Even more interesting, the generation of Café kids, their children, are now on top of the operation, with the original shares now passed on to them by their parents.
Just like their parents, they formed a friendship playing around the yard of the café as kids, and learned organically the workings of the trade.
With a big difference
Café Dua is with a more permanent architectural design and a business plan. The Ruins changed cogon roofs several times, as the rain trickled in on wet days, until they fashioned a more permanent roofing and a more reliable calendar of operation, as compared to days when they would say, Café opens depending on the weather.
Café Dua offers an ambiance of fine dining in casual elegance; while the Ruins continues to be a semi-outdoor atmosphere with open walls and a stone-paved fireplace area, where musicians jam at times through the night.
Still the spirit of the Ruins remains the same for Café Dua
The food are recipes of love, many contributed by family and friends that come with a story. There is the camote bread, an original recipe of Lim’s brother Ernie, who wanted bread with no preservatives, and using ingredients cheap and plentiful, which happens to be camote.
The sinigang recipe soured with rattan fruit was inspired by the late Cecille Afable, a name that cannot be forgotten in the circle of local journalism.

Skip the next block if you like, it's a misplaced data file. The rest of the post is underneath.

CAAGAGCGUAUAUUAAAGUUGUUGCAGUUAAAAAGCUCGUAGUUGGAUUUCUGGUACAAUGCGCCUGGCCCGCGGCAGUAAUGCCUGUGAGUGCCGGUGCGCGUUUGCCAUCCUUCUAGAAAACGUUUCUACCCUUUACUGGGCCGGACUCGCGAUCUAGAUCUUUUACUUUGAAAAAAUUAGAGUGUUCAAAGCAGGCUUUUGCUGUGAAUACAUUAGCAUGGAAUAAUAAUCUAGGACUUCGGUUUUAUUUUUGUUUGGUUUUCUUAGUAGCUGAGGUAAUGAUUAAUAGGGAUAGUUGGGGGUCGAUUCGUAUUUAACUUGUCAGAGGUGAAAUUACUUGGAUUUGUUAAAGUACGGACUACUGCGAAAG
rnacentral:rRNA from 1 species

Regional specialities of preparing food are adopted with a twist. Creativity is the flavor of the servings, creating a narrative of their own.
In the Ruins, poetry readings brought together literary giants, budding poets and creative writers in intimate sessions of sharing and baring their hearts in rhymes and rhythms.
The war relic walls of the Ruins have always been studded with artworks, ranging from pieces of Bencab and the late Santi Bose to struggling local artists, who eventually claimed their own moments of fame.
Café Dua will be an extension of these mind-stirring activities. The conversations will go on and more friendships nurtured on a table that serves the same menu of Ruins.
Ruins and Dua serve fresh-fruit juices, herbal teas and special blends of brewed native coffee; home-grown recipes of starters and spreads; freshly baked bread; healthy soups quite unique in preparation; salads and their famous dressings; and sweets and sorbets of both local and international flavor infuences.